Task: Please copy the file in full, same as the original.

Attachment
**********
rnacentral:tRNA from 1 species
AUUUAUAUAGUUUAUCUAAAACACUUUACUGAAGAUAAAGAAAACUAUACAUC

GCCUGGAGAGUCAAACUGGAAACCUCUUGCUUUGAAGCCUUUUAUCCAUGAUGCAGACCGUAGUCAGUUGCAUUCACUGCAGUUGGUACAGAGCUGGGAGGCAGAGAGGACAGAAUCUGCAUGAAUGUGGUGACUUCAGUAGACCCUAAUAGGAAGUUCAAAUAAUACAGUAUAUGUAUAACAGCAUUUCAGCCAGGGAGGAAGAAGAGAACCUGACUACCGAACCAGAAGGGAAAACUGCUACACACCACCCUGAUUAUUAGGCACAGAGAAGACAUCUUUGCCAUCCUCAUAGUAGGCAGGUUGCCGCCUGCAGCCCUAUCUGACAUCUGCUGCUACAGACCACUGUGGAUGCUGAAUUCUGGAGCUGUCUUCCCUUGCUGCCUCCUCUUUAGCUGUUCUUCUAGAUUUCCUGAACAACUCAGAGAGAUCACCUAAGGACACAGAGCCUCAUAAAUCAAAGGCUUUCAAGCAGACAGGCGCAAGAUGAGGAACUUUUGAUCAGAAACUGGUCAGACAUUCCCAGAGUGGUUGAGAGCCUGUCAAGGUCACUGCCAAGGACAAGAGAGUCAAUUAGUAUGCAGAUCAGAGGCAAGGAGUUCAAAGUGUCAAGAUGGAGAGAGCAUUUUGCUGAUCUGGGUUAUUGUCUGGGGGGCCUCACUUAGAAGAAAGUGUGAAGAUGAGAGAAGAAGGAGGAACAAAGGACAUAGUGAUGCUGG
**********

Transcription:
rnacentral:tRNA from 1 species
AUUUAUAUAGUUUAUCUAAAACACUUUACUGAAGAUAAAGAAAACUAUACAUC

GCCUGGAGAGUCAAACUGGAAACCUCUUGCUUUGAAGCCUUUUAUCCAUGAUGCAGACCGUAGUCAGUUGCAUUCACUGCAGUUGGUACAGAGCUGGGAGGCAGAGAGGACAGAAUCUGCAUGAAUGUGGUGACUUCAGUAGACCCUAAUAGGAAGUUCAAAUAAUACAGUAUAUGUAUAACAGCAUUUCAGCCAGGGAGGAAGAAGAGAACCUGACUACCGAACCAGAAGGGAAAACUGCUACACACCACCCUGAUUAUUAGGCACAGAGAAGACAUCUUUGCCAUCCUCAUAGUAGGCAGGUUGCCGCCUGCAGCCCUAUCUGACAUCUGCUGCUACAGACCACUGUGGAUGCUGAAUUCUGGAGCUGUCUUCCCUUGCUGCCUCCUCUUUAGCUGUUCUUCUAGAUUUCCUGAACAACUCAGAGAGAUCACCUAAGGACACAGAGCCUCAUAAAUCAAAGGCUUUCAAGCAGACAGGCGCAAGAUGAGGAACUUUUGAUCAGAAACUGGUCAGACAUUCCCAGAGUGGUUGAGAGCCUGUCAAGGUCACUGCCAAGGACAAGAGAGUCAAUUAGUAUGCAGAUCAGAGGCAAGGAGUUCAAAGUGUCAAGAUGGAGAGAGCAUUUUGCUGAUCUGGGUUAUUGUCUGGGGGGCCUCACUUAGAAGAAAGUGUGAAGAUGAGAGAAGAAGGAGGAACAAAGGACAUAGUGAUGCUGG